The Innovation and the Business of Science programme has been designed by the Royal Society, in partnership with Imperial College Business School, to help researchers better understand the rapidly evolving relationship between science and industry, what it means to be a scientific entrepreneur, and how to run a successful research group.
The programme runs across three stand-alone modules, each covering an aspect of the business of science.
All modules are residential and held at The Royal Society at Chicheley Hall. The residential nature of the modules provides you the benefit of the opportunity to network with your peers and the module trainers.
Please note: The programme is available to Royal Society Dorothy Hodgkin Fellows, University Research Fellows, Newton International Fellows, Industry Fellows, Wolfson Fellows and Sir Henry Dale Fellows. Some researchers funded by the Biotechnology and Biological Sciences Research Council (BBSRC) and The Medical Research Council (MRC) are also able to attend.
Science in context: Universities, the economy, and policy
This two-day module is led by Professor Markus Perkmann, Head of Imperial College Business School’s Innovation and Entrepreneurship department. Focusing on the role of science in the economy and the relationship between science and industry, Professor Perkmann and other innovation experts provide an understanding of how your science is part of a broader picture, and can shape technologies and the economy.
During the module you will be taken through topics relevant for managing universities and their relationships with stakeholders in the economy and government: how universities are funded; how science policy is made; how intellectual property matters; and how to work with industry. This will serve to highlight how universities are dependent on others to provide resources but also how this offers opportunities for research.
This module is relevant to you if are, or will be, involved in decision-making and fund-raising within your institution, regardless of whether you are planning to commercialise your research.
This three day module focuses on management skills and leadership behaviours which underpin effective leadership in science. With module leader Dr Sankalp Chaturvedi, Associate Professor of Organisational Behaviour and Leadership, you will explore attributes, qualities and behaviours of inspiring leaders, and the challenges that may be faced by researchers in managerial roles. You will also have the chance to learn more about your own personal leadership style.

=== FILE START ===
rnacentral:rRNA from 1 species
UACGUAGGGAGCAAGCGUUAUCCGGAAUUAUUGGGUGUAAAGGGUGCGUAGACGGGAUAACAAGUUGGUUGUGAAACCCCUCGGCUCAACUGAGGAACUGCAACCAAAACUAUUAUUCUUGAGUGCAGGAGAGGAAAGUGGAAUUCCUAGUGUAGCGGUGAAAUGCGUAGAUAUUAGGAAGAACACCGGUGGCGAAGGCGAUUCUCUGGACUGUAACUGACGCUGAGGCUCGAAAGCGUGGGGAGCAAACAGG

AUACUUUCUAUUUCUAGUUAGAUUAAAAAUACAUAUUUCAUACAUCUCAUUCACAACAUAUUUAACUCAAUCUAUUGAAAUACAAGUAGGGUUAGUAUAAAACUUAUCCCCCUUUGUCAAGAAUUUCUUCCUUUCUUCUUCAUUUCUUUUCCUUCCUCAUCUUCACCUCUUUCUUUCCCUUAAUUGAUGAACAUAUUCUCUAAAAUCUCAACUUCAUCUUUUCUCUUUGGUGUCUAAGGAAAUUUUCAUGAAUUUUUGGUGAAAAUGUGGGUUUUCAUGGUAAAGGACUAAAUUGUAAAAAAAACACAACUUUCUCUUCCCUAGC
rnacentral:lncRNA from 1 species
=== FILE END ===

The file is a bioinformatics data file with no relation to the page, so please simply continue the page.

Through talks and team exercises Dr Chaturvedi and his colleagues will also take you through:
- Managing motivation
- Negotiation and influencing skills and techniques
- Effective coaching and mentoring
- Creating high performance teams
The module is relevant for all researchers who are, or will be, managing people and groups – we recommended you take this module after you have completed the first year of your fellowship. Due to the popularity of this module, it is held 3 times during the year.
In this interactive module three day module you will discuss the challenges and opportunities of scientific entrepreneurship, and use a group project to build the awareness and skills necessary to be a more effective scientific entrepreneurs. Experts from the fields of entrepreneurship, business and funding will discuss the challenges and opportunities of scientific entrepreneurship. The culmination of this module is a ‘Dragons’ Den’ style judging panel where participants will pitch ideas based on their research and get feedback from expert panel members.
Professor Bart Clarysse, a leader in the field of entrepreneurship and a successful founder of several high-tech start-ups, along with experts from the fields of business and funding will lead these discussions and take you through:
- Technology transfer and academic entrepreneurship
- Idea commercialisation and protection
- Communicating your project: pitching, storyboarding and personal development
- Financing your project
This module is relevant to those with an interest in scientific entrepreneurship, particularly those with an idea or project they are looking to commercialise.